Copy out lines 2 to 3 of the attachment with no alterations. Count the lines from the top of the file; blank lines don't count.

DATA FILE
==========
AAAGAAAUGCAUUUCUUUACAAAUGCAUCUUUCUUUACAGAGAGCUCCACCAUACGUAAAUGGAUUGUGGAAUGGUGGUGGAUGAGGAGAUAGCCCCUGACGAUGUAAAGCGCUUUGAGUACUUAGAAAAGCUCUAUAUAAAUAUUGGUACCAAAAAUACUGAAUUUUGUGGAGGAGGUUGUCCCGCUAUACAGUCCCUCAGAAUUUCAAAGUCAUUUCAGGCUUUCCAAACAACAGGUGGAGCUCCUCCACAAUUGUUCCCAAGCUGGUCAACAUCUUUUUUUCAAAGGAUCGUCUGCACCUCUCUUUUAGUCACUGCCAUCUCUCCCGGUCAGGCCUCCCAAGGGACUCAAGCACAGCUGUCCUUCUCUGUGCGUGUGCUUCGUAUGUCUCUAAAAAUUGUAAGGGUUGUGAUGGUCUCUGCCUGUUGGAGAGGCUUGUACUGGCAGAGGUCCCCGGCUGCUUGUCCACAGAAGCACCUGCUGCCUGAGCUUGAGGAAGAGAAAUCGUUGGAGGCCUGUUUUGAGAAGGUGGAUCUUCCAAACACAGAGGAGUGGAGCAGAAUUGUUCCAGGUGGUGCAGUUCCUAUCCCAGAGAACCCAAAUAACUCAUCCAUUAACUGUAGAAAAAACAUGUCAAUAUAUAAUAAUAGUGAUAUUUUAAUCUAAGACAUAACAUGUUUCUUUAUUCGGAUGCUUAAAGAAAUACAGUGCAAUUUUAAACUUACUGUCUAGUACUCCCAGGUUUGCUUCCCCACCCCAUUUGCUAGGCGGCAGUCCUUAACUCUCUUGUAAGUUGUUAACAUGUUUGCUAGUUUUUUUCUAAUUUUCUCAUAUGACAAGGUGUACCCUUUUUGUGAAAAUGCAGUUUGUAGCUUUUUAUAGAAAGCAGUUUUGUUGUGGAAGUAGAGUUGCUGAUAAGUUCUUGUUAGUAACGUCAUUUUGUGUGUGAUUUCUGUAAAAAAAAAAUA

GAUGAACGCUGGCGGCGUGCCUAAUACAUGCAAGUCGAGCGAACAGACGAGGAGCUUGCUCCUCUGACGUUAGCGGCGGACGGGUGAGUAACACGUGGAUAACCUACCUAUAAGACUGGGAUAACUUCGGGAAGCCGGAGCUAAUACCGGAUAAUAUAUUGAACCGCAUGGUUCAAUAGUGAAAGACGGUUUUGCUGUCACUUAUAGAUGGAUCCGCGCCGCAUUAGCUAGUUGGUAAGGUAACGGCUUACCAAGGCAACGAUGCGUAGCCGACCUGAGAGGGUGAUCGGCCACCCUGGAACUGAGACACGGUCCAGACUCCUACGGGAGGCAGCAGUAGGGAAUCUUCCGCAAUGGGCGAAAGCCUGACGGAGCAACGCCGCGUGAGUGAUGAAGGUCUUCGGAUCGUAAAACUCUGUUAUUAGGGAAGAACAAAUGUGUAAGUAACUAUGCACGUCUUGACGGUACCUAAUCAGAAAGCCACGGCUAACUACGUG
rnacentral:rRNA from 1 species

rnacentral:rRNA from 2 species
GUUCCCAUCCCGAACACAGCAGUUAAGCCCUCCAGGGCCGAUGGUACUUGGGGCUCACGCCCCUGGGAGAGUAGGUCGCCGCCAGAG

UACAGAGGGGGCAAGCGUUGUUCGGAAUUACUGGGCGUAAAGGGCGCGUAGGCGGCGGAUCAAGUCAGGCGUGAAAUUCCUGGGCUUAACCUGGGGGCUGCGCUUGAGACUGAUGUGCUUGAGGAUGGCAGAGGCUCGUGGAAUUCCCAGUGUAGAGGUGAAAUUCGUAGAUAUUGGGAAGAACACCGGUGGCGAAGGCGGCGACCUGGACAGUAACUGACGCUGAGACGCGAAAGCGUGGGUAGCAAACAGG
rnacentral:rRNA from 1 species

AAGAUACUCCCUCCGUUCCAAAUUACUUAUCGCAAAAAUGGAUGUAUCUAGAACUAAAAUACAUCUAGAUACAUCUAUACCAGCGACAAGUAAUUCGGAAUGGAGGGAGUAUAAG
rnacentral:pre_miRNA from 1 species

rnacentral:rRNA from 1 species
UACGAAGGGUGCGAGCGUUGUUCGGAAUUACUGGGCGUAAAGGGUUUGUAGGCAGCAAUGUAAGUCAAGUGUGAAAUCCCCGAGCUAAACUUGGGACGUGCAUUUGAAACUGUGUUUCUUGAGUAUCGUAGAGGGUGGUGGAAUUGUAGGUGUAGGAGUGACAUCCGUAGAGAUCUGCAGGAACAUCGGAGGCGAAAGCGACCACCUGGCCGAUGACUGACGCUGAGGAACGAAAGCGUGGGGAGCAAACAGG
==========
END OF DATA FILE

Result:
GAUGAACGCUGGCGGCGUGCCUAAUACAUGCAAGUCGAGCGAACAGACGAGGAGCUUGCUCCUCUGACGUUAGCGGCGGACGGGUGAGUAACACGUGGAUAACCUACCUAUAAGACUGGGAUAACUUCGGGAAGCCGGAGCUAAUACCGGAUAAUAUAUUGAACCGCAUGGUUCAAUAGUGAAAGACGGUUUUGCUGUCACUUAUAGAUGGAUCCGCGCCGCAUUAGCUAGUUGGUAAGGUAACGGCUUACCAAGGCAACGAUGCGUAGCCGACCUGAGAGGGUGAUCGGCCACCCUGGAACUGAGACACGGUCCAGACUCCUACGGGAGGCAGCAGUAGGGAAUCUUCCGCAAUGGGCGAAAGCCUGACGGAGCAACGCCGCGUGAGUGAUGAAGGUCUUCGGAUCGUAAAACUCUGUUAUUAGGGAAGAACAAAUGUGUAAGUAACUAUGCACGUCUUGACGGUACCUAAUCAGAAAGCCACGGCUAACUACGUG
rnacentral:rRNA from 1 species